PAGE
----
The last few years have been pretty hectic for Datuk Redzuawan Ismail, better known as Chef Wan. He travelled the world promoting his work, spearheaded new projects at home and crafted ideas for his upcoming television show.
But that is not all. Chef Wan also did something else during that busy period – he put on a lot of weight.
“I couldn’t even spruce up my garden at home without breaking into buckets of sweat,” he laments.
As much as he wants to blame his erratic schedule for his weight woes, Chef Wan knows that the onus is on him to care for his well-being.
Besides, the popular chef and cookshow host doesn’t have to look far for a reminder to eat better.
“My late father was diabetic and lost a leg due to the disease. He then had a stroke and passed away in 2012. I don’t want to suffer the same fate as him,” he says.
Chef Wan knows that he has to get his act sorted and thus he has begun his journey to better health from where he is the most comfortable – the kitchen.
So does that mean no more santan – which has about 35 calories in a tablespoon (15g) – in rendang, nasi lemak, sweet desserts and kuih for Chef Wan?
According to him, that is a big, fat yes.
That is quite rich, given that Chef Wan made his name, and wealth, making and promoting exactly those mouth-watering and fattening food items on his television series and cookbooks all these years.
“I know that those are the types of food that I created and promoted. But I have gotten older, and I have to start thinking about my health. I have come to that age. As a chef, I understand my responsibility to promote healthy eating habits, and it starts with me.”
Chef Wan also calls out on folks who dismiss healthy eating simply because it is pricier.
“Don’t be penny wise and pound foolish. Unless you have a garden at home that grows all the vegetables you want, or a farm that gives you fresh milk every morning, you cannot escape having to spend a bit more to eat healthy nowadays.”
“It is better to pay now for your health, than later (for your medical bills) when you are bed-ridden and feeling awful. Be wise with your eating habits, it will help prolong your life.”
Chef Wan says that while one can control what goes into their food at home, the same discipline sometimes cannot be maintained outside. He says that we are surrounded by calorie-laden, sweet, oily and unhealthy food all the time.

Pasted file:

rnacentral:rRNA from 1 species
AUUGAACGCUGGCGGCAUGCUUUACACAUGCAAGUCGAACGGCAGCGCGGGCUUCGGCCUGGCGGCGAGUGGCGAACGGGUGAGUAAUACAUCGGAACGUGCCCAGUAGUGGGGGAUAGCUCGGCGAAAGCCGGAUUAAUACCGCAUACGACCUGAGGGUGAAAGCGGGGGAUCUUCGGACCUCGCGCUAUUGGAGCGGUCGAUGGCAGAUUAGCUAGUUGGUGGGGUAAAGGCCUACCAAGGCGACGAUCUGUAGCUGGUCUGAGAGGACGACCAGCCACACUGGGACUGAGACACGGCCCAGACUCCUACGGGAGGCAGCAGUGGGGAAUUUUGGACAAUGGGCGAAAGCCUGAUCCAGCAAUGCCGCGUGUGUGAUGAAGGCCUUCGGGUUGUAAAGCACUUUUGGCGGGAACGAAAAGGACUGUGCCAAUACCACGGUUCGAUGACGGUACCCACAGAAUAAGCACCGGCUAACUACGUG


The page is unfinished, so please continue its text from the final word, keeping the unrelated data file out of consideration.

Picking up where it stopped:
“Even when you tell the waiters that you want your drinks less sweet or your food less oily, they still somehow come out sweet and oily. You cannot always dictate how the cook prepares your food and what goes into it,” he says.
“I am not saying that you should totally cut out local fare. But it is important that if you decide to eat healthy, there are places for you to do so,” he explains.
So when BMS Organics came knocking with a new collaboration, Chef Wan knew that it was an opportunity not to be missed. This was his chance to show consumers that food, even local favourites like nasi lemak and curry laksa can be prepared the healthy way and be easily available.
BMS Organics is a leading organic health food proponent and supplier with 43 outlets around the country. Nineteen of these outlets are equipped with adjoining cafes that serve food made in a healthy manner.
With Chef Wan on board, healthy becomes delicious as well. The company approached the chef to collaborate with their kitchen to create dishes that would be both tasty and beneficial.
“Healthy food has a negative connotation; the perception is that it can never taste as good as ‘normal’ food. My honest belief is that it all depends on how you prepare the food. Of course it is going to taste different but it definitely is the healthier option,” says Chef Wan.
He gives a healthy twist to three local favourites on BMS Organics’ menu by substituting some of the original ingredients with organic products.
“I use organic soy milk instead of coconut milk (soy is 55 calories per 100ml compared to coconut’s 230 calories) for the curry laksa, extra virgin coconut oil for the food, and pineapples to give a natural sweet and sour taste in the dishes.
“There are many changes that one can make to the dishes to make them healthier when cooking at home. You just have to be creative to come up with as many substitutes as possible,” he adds.
Chef Wan suggests using Himalayan rock salt instead of the normal salt, brown rice, millet or buckwheat to substitute for rice, and adding lots of fresh herbs to the food.